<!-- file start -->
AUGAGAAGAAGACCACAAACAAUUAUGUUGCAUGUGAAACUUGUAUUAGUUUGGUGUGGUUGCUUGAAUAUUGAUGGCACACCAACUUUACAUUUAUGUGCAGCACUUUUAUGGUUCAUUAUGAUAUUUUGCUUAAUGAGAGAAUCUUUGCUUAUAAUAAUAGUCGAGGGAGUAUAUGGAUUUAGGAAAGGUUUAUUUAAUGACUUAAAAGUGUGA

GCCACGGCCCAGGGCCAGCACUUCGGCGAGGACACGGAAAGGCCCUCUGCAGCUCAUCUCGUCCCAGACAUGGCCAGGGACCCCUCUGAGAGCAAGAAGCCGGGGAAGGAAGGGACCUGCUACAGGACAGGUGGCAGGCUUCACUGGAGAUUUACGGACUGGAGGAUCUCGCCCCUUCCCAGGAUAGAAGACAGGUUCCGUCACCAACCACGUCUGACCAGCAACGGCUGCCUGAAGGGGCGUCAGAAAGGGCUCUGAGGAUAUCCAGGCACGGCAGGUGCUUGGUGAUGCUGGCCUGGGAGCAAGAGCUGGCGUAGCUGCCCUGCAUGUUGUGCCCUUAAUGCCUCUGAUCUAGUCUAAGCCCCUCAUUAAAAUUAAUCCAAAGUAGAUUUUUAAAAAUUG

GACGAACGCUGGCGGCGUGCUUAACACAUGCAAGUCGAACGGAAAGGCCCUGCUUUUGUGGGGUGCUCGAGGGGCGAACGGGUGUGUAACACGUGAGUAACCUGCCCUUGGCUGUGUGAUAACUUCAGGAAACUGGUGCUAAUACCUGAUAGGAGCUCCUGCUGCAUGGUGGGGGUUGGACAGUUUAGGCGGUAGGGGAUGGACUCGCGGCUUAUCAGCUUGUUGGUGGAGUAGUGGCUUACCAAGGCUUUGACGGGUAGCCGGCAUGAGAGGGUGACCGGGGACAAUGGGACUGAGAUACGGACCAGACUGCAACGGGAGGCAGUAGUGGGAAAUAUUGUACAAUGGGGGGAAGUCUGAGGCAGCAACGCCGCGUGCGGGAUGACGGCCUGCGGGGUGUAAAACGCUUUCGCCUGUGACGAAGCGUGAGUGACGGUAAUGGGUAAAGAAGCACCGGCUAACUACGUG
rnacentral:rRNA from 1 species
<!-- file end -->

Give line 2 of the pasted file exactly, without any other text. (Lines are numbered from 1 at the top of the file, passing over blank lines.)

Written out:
GCCACGGCCCAGGGCCAGCACUUCGGCGAGGACACGGAAAGGCCCUCUGCAGCUCAUCUCGUCCCAGACAUGGCCAGGGACCCCUCUGAGAGCAAGAAGCCGGGGAAGGAAGGGACCUGCUACAGGACAGGUGGCAGGCUUCACUGGAGAUUUACGGACUGGAGGAUCUCGCCCCUUCCCAGGAUAGAAGACAGGUUCCGUCACCAACCACGUCUGACCAGCAACGGCUGCCUGAAGGGGCGUCAGAAAGGGCUCUGAGGAUAUCCAGGCACGGCAGGUGCUUGGUGAUGCUGGCCUGGGAGCAAGAGCUGGCGUAGCUGCCCUGCAUGUUGUGCCCUUAAUGCCUCUGAUCUAGUCUAAGCCCCUCAUUAAAAUUAAUCCAAAGUAGAUUUUUAAAAAUUG